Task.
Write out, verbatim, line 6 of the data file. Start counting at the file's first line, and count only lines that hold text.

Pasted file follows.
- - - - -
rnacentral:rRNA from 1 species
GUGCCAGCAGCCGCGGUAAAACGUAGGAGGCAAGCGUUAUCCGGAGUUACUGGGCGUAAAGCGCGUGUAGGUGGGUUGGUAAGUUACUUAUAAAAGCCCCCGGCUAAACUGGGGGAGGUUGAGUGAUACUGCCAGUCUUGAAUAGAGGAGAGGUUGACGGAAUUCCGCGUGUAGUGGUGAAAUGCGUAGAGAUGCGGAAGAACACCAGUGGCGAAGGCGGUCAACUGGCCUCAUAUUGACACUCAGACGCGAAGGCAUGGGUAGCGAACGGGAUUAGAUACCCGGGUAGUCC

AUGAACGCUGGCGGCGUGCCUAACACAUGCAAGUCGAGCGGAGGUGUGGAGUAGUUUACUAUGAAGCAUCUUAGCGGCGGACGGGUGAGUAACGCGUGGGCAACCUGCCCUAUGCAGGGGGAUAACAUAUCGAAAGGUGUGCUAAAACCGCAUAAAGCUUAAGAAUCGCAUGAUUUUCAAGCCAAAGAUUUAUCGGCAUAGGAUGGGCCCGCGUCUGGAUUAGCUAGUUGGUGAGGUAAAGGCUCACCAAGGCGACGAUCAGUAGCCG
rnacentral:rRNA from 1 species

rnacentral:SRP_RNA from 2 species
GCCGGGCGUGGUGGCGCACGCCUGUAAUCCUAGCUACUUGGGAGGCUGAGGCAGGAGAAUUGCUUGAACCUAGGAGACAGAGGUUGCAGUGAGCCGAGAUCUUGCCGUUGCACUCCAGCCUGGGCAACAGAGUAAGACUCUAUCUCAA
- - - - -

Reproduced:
GCCGGGCGUGGUGGCGCACGCCUGUAAUCCUAGCUACUUGGGAGGCUGAGGCAGGAGAAUUGCUUGAACCUAGGAGACAGAGGUUGCAGUGAGCCGAGAUCUUGCCGUUGCACUCCAGCCUGGGCAACAGAGUAAGACUCUAUCUCAA